However, the liquidation of net-long positioning by hedge funds and other money managers has taken a lot of pressure out of the market. As a result, there is more room on the upside once again. “[T]he oil market is a lot cleaner now from a positioning standpoint. Given that inventories are still not too high, we believe oil prices should find some support from a fundamental perspective,” BofAML wrote.
Barclays pointed to some fundamentals to suggest that things aren’t as bad as they seem. For instance, OECD stocks in terms of “days of demand cover,” remain below the five-year average. “Based on our balances, we expect the amount of inventories in the OECD on a days of demand cover basis to remain supportive of prices through the end of next year,” Barclays said in a note.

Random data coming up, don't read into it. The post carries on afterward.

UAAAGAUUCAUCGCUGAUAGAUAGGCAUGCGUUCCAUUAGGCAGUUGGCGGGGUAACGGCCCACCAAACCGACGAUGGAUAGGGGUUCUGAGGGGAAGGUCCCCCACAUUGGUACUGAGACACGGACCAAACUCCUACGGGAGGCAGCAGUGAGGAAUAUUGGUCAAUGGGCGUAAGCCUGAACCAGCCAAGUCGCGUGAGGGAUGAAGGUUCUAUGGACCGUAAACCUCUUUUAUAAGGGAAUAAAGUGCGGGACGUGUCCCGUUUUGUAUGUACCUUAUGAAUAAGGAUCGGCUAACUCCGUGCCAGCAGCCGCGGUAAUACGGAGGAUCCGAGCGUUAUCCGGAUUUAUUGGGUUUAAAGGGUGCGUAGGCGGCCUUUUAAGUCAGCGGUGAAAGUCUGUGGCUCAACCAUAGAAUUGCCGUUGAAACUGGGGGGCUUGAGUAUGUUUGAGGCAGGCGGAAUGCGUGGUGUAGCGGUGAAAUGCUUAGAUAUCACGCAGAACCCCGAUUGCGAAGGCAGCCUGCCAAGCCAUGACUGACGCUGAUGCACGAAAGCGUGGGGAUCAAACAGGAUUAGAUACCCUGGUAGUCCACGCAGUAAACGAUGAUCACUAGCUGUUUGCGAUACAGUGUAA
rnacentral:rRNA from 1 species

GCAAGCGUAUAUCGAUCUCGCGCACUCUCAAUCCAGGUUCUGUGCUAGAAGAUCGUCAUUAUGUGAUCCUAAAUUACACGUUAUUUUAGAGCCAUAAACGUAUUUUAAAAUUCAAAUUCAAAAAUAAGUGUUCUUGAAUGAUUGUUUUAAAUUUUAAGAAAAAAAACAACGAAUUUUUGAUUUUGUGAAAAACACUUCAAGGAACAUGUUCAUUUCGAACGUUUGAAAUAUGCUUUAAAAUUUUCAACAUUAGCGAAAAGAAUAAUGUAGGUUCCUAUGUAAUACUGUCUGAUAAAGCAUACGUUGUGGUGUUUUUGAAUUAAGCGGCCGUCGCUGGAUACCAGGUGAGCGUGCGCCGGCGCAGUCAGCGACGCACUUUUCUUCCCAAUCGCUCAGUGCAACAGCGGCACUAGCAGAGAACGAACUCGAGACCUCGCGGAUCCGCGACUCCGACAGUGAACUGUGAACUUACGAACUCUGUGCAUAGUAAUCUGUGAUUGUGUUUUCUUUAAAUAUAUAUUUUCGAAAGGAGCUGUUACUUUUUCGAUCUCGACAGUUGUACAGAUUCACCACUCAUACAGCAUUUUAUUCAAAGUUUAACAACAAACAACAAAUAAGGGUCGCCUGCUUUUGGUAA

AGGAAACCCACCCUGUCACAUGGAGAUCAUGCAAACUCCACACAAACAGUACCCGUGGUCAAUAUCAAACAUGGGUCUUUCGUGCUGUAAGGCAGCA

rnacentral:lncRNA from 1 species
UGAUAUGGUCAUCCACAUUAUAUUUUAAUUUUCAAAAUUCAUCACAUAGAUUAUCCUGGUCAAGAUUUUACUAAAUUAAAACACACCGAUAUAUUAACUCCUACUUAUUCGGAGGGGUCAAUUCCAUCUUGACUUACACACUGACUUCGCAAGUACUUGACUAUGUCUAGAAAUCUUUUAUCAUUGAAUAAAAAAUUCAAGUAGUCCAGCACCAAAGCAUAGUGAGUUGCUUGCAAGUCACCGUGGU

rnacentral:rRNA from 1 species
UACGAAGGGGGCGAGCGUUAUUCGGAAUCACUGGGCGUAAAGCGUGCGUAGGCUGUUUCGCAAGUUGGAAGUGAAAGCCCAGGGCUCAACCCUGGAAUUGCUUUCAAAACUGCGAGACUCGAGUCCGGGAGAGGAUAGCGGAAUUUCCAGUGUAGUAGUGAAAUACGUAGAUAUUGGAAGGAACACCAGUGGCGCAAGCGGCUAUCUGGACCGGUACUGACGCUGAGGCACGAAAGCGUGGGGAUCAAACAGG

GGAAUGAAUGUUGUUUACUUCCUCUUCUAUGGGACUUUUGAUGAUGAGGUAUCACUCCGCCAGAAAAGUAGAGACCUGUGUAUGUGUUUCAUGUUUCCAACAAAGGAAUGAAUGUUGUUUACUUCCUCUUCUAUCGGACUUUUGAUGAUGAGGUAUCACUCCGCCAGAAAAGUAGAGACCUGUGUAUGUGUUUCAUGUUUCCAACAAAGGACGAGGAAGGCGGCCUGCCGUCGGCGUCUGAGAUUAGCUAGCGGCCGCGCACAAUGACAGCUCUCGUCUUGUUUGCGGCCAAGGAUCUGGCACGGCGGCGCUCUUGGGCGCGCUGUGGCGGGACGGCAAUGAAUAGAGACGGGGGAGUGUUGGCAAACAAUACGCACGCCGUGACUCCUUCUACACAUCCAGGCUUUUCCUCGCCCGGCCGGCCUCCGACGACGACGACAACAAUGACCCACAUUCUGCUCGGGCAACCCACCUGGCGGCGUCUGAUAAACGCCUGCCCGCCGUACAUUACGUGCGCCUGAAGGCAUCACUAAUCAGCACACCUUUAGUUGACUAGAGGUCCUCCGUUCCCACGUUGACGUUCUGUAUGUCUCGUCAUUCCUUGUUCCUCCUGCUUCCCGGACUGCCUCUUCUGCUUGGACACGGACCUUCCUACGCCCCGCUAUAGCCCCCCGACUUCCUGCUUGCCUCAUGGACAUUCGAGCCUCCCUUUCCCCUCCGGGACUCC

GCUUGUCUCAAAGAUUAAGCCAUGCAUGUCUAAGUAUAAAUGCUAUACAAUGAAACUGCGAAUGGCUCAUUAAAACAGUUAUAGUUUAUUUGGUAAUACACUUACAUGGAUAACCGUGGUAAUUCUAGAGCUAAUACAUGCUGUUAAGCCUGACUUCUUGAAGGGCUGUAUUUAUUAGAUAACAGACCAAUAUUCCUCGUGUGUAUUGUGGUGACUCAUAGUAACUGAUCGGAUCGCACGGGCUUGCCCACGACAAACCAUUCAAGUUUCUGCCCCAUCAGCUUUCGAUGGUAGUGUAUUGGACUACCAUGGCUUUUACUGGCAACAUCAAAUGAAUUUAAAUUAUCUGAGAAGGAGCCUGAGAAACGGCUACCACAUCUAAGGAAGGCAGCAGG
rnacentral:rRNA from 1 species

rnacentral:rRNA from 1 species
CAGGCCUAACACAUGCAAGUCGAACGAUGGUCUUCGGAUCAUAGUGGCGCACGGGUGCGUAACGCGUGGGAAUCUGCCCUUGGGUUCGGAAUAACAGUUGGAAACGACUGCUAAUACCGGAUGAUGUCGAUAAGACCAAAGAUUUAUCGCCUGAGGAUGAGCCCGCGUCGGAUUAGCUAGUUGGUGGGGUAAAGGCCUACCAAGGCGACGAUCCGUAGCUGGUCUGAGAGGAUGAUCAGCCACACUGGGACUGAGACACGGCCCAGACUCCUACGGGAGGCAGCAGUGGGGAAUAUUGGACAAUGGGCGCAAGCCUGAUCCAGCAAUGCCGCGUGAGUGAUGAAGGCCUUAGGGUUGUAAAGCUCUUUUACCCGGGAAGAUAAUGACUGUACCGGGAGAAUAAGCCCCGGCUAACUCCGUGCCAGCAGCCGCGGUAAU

Moreover, the waivers on Iran sanctions are temporary, and even though the U.S. was more lenient than expected, Iran should continue to lose exports in the months ahead. Indeed, the recent price crash actually gives the Trump administration a lot more room to work with, and it can take a harder line with the eight countries it granted waivers to the next time around.
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Finally, lower prices could shut in marginal supply and stimulate demand. Barclays even suggests that Iran may step up threats on the Strait of Hormuz because of lower prices, while Venezuela might lose output at a faster rate.